I fell in love with Legacy when I won a match without making a land drop.
It was at the SCG Legacy Open in Milwaukee a few years ago; my opponent and I sat down for our third-round match and joked about how the judge who was standing near our table was clearly there for a deck check. When they called the start of the round and she swooped in to collect our decks, we laughed and proceeded to shoot the breeze for a couple minutes while waiting.
Suddenly, my opponent sat bolt upright and muttered an expletive. When I asked what was wrong, he replied that he had purchased a playset of Brainstorms that morning, and they were sitting unsleeved in his deck box. Shortly thereafter, the judge confirmed his fears, as he was hit with a game loss.
Starting game 2 on the draw, I kept a classic RUG Delver hand: Fetch, dual land, Lightning Bolt, Delver, Daze, Force of Will, and Tarmogoyf. My opponent dumped his hand on turn 1 and attempted to resolve Goblin Charbelcher; when I responded with Force, he scooped up his cards and offered a handshake.
I’ve won games of Legacy by cheating an Emrakul into play on turn 1 and by having a Sylvan Library be the only permanent on the board for six straight turns. I’ve won by playing “fair” with Umezawa’s Jitte and True-Name Nemesis. Heck, I’ve won by attacking with a Sword of War and Peace-wielding Invisible Stalker.
And I’ve lost in hilarious fashion, too. By getting overwhelmed by Elves on turn 1 or 2. By being able to do nothing as my opponent jammed an early Griselbrand into play through countermagic. By staring mournfully at my Gilded Drake that would have been really good if my opponent had put a creature into play instead of an Omniscience.
We all have stories like that from our Legacy experiences. For good or bad, it’s what makes Legacy what it is, and it’s why we keep coming back. While the format certainly has its flaws, there’s a reason so many players love it, and why so many people hold their breath every time a Banned and Restricted list announcement approaches. It’s why people argue about the Reserved List, or about what Wizards’ obligation is to the secondary market. It’s why players are willing to commit to thousands of dollars’ worth of cardboard that they might only get to play a few times a year.
We love this format, flaws and all. And it’s time we celebrated it.
Nerd Rage Gaming presents: Why We Love Legacy
With a Legacy CT approaching this weekend, we’re diving into why we love the format and the decks that make it great. From Lands to Sneak and Show, Death and Taxes to Grixis Delver, we’re sharing our favorite aspects of Legacy with all of you over this week and next.
We start today, with this article and Alex Hamilton’s ode to Stoneblade. After Sensei’s Divining Top was banned, nobody would have blamed Alex for giving up on the format. Instead, he embraced an old friend by sleeving up his Stoneforge Mystics again and only mostly annoying his opponents instead of completely annoying them.
Here’s what the rest of this week’s schedule looks like:
Next week (Updated Sept. 15):
Tuesday: Nerd Rage Gaming editor Casey Laughman on Sneak and Show.
Wednesday: Justin Brickman on Grixis Delver.
Friday: Jordan Pollack on how to play Legacy on a budget.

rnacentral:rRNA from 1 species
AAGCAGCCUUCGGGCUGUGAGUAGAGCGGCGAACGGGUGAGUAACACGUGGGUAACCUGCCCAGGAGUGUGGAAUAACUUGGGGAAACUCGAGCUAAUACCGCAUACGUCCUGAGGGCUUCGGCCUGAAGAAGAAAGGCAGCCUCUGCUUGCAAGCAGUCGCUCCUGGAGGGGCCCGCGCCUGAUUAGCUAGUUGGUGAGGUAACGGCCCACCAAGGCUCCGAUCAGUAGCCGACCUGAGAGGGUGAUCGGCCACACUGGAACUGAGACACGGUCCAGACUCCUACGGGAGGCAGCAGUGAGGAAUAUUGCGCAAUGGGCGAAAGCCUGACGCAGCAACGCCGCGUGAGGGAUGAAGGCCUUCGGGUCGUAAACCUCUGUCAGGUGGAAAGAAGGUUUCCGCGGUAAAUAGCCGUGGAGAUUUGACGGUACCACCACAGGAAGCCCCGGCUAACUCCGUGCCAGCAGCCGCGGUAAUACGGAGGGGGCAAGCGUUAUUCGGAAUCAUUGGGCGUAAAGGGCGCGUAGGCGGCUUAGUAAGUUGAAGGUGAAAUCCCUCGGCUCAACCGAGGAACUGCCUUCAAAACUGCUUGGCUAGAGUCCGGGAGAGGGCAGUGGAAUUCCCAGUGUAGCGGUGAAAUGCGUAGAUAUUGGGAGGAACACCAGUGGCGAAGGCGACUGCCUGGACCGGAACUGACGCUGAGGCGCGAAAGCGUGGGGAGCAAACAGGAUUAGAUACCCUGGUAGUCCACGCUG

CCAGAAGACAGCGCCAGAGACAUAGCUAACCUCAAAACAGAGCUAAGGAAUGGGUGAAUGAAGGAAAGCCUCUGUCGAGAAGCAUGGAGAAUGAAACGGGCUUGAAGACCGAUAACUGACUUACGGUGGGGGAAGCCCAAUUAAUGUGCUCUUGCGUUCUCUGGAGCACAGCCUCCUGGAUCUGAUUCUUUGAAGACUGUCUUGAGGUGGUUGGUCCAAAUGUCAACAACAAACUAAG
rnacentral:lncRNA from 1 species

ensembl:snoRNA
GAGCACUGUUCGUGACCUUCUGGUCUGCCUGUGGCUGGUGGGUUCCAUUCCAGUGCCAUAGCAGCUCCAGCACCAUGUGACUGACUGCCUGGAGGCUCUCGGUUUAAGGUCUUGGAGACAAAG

Monday, Sept. 18: Reigning NRG Championship Series champion Ben Meine on Death and Taxes; Blake Smith on Burn.
Now for some completely made-up FAQs to answer any questions you might have:
Q: Say, isn’t this an awful lot like your State of Modern project?
A: It sure is! But there’s a critical difference: While we tried to provide a comprehensive overview of the Modern format with that project, here we’re simply talking about what we love about Legacy. Legacy is such a wide-ranging format that there’s no way to hit all or even most of the possible decks, so we’re focusing on the decks and the experiences that we love about the format.
TL;DR: State of Modern was an analysis. This is a celebration.
Q: Yeah, but what about (Deck x)? How can you possibly write about Legacy without mentioning it?
A: Simple: We’ll write about Legacy without mentioning it. When we were putting this project together, I asked the writers to claim their first choice. With one exception, they got their first pick, which shows just how wide the format is. That one exception was Justin Kessel, and all he did was write an excellent article on his second choice. Trust me. Read it when it goes up.
Q: Isn’t Legacy a dead format? Why devote so many words to a format no one plays?
A: Well, there will be 100 players at Nerd Rage Gaming this weekend who will vehemently disagree with you. Is Legacy for everyone? Of course not, because the barriers to entry are real and it doesn’t have nearly as many options for tournament play as Standard or Modern. But it is a vital component of the NRG Championship Series, and will continue to be so.
Q: I heard that Legacy is a format where everybody dies on turn 1. That doesn’t sound fun at all.
A: First, that’s not really a question; second, it’s pretty far from the truth. Sure, there are times when you get destroyed on turn 1 or 2. But there are a lot more times when you play the most intense, skill-testing Magic you will ever play, then get to do it again the very next round. If you’re new to Legacy, check out the entire package of articles. I bet it will change your perceptions of the format.
Q: Are you going to be writing about the Reserved List at all?
A: No. In fact: Hell no. The Reserved List exists, it is here to stay, and nothing we would write could possibly change that. Every so often somebody decides to angry up the community by writing “Yay Reserved List” or “Get rid of the Reserved List.” That isn’t us and will never be us.
Q: Final question: Is it true you’ll be playing The Locust God this weekend?
A: No comment.
Casey Laughman is editor of Nerd Rage Gaming. Email comments and questions to firstname.lastname@example.org.